Infection with the hepatitis C virus (HCV) can trigger autoimmune hepatitis (AIH) in a minority of patients. This means that the liver cells are damaged not only by the virus but also by the body's own immune system.
AIH triggers the body to attack its liver cells as if the liver cells were harmful foreign substances. Patients with a combination of HCV and autoimmune hepatitis may suffer from more debilitating symptoms than patients with HCV alone. Autoimmune hepatitis is associated with other...
Although genotype tests are not used to diagnose HCV infection, they may be done before treatment begins. Knowing the genotype may help a doctor choose the best treatment plan. You should know your genotype before treatment starts.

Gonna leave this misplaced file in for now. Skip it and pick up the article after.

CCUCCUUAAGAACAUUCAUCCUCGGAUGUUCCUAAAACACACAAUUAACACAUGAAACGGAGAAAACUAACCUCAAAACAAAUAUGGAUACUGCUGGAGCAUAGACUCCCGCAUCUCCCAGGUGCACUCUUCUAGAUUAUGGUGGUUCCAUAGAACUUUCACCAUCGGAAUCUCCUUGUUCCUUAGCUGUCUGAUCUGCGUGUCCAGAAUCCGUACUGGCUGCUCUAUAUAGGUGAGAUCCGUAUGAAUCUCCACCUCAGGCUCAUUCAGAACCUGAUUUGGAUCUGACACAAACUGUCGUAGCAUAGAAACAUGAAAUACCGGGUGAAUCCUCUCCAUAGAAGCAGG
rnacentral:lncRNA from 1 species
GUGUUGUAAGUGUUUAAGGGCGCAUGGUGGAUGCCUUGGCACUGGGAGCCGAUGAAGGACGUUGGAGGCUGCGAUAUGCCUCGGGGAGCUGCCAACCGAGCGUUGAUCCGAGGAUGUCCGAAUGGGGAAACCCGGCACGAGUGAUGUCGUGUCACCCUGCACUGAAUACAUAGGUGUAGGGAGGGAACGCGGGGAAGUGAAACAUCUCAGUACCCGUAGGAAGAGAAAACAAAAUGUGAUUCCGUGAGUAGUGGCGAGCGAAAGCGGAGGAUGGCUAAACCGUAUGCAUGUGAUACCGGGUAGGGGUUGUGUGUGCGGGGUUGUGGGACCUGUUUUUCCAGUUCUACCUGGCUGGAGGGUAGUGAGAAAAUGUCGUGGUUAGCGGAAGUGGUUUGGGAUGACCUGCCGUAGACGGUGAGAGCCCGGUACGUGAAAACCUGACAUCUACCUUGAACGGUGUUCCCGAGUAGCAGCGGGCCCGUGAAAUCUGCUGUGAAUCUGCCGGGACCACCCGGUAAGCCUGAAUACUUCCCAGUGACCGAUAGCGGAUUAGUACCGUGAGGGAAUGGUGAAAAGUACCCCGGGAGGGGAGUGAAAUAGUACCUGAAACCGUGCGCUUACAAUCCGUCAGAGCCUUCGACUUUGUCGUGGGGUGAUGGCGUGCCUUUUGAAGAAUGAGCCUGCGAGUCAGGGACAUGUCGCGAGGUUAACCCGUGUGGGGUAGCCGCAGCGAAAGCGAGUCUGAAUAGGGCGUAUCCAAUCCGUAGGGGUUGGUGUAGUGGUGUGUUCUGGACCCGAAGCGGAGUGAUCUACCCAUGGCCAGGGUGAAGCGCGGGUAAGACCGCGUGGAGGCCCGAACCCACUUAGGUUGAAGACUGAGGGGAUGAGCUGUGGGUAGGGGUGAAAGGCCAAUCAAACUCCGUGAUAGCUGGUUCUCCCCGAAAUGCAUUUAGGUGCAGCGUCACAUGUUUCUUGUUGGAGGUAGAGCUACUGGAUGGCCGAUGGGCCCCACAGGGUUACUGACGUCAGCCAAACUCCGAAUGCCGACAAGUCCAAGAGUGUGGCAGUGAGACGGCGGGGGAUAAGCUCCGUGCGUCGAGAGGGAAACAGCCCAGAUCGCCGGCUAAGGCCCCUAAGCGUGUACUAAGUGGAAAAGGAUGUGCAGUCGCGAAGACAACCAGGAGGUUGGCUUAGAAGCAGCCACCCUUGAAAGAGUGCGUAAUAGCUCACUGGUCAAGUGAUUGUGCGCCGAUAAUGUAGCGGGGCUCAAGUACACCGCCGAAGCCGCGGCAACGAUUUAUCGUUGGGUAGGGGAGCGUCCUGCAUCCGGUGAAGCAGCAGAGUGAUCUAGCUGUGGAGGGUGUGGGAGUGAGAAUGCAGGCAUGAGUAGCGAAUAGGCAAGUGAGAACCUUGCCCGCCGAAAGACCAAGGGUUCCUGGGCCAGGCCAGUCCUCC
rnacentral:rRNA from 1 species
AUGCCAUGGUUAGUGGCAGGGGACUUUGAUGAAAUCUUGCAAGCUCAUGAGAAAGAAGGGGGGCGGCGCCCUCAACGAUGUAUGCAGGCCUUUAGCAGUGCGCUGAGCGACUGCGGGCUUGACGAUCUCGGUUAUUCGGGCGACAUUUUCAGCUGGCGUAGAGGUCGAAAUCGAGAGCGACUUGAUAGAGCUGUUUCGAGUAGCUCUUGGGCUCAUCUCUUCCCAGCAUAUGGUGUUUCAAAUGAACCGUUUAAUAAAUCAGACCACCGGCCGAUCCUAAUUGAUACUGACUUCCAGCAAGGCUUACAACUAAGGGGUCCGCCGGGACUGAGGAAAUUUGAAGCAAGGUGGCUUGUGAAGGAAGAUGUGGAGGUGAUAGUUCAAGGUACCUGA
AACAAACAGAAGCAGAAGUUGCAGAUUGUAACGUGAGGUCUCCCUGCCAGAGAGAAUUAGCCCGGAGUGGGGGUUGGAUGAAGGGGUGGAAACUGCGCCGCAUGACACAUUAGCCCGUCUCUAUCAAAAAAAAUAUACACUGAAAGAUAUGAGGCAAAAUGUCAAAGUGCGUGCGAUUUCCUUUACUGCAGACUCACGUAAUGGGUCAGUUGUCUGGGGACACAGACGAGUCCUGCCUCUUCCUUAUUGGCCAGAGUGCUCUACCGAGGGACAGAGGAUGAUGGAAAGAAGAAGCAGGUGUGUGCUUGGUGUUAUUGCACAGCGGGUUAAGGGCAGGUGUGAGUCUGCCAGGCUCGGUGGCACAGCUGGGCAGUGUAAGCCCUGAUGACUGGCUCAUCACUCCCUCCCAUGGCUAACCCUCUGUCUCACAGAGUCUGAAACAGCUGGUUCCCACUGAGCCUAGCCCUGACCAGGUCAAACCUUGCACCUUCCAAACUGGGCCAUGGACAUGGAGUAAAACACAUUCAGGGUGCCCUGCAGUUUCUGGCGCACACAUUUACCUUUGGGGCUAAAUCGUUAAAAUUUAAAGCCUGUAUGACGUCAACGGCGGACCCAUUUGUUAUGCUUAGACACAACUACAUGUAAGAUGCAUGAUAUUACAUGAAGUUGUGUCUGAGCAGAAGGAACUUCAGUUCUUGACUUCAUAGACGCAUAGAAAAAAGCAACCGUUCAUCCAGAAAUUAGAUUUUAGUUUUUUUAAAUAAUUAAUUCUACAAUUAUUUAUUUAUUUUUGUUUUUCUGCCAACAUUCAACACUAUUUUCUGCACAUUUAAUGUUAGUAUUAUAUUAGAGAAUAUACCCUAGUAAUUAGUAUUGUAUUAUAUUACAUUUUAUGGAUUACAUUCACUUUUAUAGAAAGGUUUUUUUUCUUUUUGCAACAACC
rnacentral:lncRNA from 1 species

The antiviral medicines peginterferon and ribavirin are more likely to work for people who have genotype 2 or 3. These medicines also are used to treat people who have genotypes 5 and 6.
Newer treatments for genotype 1 do not use peginterferon or ribavirin. A combination of sofosbuvir and simeprevir or a single pill containing ledipasvir and sofosbuvir can be used to treat hepatitis C in people who have genotype 1.
If blood tests show that you have responded to antiviral therapy (the virus is not detected in your blood) after 6 months, treatment may be:
Continued for another 6 months, if you are infected with genotype 1.
Stopped, if you are infected with genotype 2 or 3. Prolonging treatment does not seem to provide any more benefit.
The genotype of HCV does not appear to have any effect on the severity of HCV infection or to affect your risk of developing cancer of the liver.
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WebMD Medical Reference from Healthwise
November 14, 2014
This information is not intended to replace the advice of a doctor.
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